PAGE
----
Sunday, 20 January, 2019

Climate change responsible for depression, anxiety

Climate change responsible for depression, anxiety Climate change responsible for depression, anxiety
Melissa Porter | 13 October, 2018, 22:41

Imagine a world where everyone has access to incredible, scientifically informed mental-health care.

Guterres said poor mental health during adolescence has an impact on educational achievement and increases the risk of alcohol and substance use and violent behaviour.

Published in the journal Nature Climate Change, one study led by Stanford University economist Marshall Burke found that a 1.8-degree Fahrenheit increase in monthly average temperature causes a 0.7 percent increase in suicide rates in the US and 2.1 percent increase in Mexico. But the planet isn't the only thing at risk as temperatures rise; your health might be in danger, too.Here are six ways that climate change might affect you, whether it's insect-borne disease or Type 2 diabetes. Because certain factors, such as lifetime adaptations to climate, can not be accounted for, the new study allows the researchers to say only that, on average, "warming over time associates with worsened mental health over time", he said.

Participants of the study were asked about their mental health, including experiences of stress and depression.

Researchers say they noticed an increase of "problems with emotions" during 30-day periods that had temperatures averaging over 86 degrees Fahrenheit.

In fact, the research reports that short-term exposure to more extreme weather - like getting increasingly hotter over time - and tropical cyclone exposure can be associated with a decline in mental health.

The results of a new study draw parallels between global warming and declining mental health. "Yet for too long, mental health has been mostly an afterthought, despite its overwhelming impacts on communities and young people, everywhere".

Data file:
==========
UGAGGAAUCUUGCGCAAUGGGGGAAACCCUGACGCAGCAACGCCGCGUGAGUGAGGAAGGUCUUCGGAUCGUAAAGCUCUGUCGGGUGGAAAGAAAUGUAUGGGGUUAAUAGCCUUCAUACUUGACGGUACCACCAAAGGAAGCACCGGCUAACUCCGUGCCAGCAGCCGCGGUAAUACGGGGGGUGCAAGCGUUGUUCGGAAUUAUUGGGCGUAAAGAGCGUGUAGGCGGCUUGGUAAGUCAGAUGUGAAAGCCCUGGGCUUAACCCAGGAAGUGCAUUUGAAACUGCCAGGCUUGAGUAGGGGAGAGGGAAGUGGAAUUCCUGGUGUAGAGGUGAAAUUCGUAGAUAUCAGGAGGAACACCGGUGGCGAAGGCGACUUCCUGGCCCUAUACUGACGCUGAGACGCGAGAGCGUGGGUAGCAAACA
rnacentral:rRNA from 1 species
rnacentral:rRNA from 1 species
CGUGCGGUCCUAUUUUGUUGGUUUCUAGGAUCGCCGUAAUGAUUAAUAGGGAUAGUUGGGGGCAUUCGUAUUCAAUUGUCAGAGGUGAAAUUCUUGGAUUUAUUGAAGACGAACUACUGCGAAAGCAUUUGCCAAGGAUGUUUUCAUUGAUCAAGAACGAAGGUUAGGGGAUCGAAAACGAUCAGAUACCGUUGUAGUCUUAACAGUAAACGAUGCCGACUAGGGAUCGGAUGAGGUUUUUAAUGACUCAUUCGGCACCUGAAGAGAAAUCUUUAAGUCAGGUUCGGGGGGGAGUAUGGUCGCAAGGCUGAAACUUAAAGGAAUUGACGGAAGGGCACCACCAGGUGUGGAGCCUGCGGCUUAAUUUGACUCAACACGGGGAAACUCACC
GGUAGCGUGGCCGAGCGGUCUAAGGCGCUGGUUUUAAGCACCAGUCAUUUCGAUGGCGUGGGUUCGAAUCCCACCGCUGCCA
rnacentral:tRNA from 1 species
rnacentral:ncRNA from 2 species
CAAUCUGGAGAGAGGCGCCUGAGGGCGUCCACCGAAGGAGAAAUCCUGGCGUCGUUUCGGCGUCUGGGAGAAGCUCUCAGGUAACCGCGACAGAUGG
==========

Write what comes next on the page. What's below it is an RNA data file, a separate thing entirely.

Even small changes in climate can impact human behavior, leading to an increase in fatal auto accidents and a decrease in food safety inspections, according to a study published this year in PNAS.Researchers analyzed data from more than 70 million police stops, more than 500,000 motor vehicle accidents and almost 13 million food safety violations.They found that above 29 degrees Celsius (84 Fahrenheit), police conduct fewer traffic stops, which can contribute to unsafe driving conditions.

By comparing hurricane victims with other Americans, the researchers were able to estimate just how much the exposure to Katrina was associated with changes in mental health.

Tarun Dua, mental health expert at WHO, explained: "Half of mental health disorders arise before the age of 14". What researchers found was that even a moderate temperature increase could have a negative effect on one's mental well-being. However, "there are many other place-specific factors that may moderate the effect".

"The most important point of this new study is that climate change, indeed, is affecting mental health, and certain populations (women and the poor) are disproportionally impacted", said Dr. Jonathan Patz, a professor, and director of the Global Health Institute at the University of Wisconsin-Madison said.

On the heels of a United Nations report that warned we have until 2030 to stop climate change from raising temperatures above a key threshold, another study found that the increasing heat could also lead to a decline to mental health.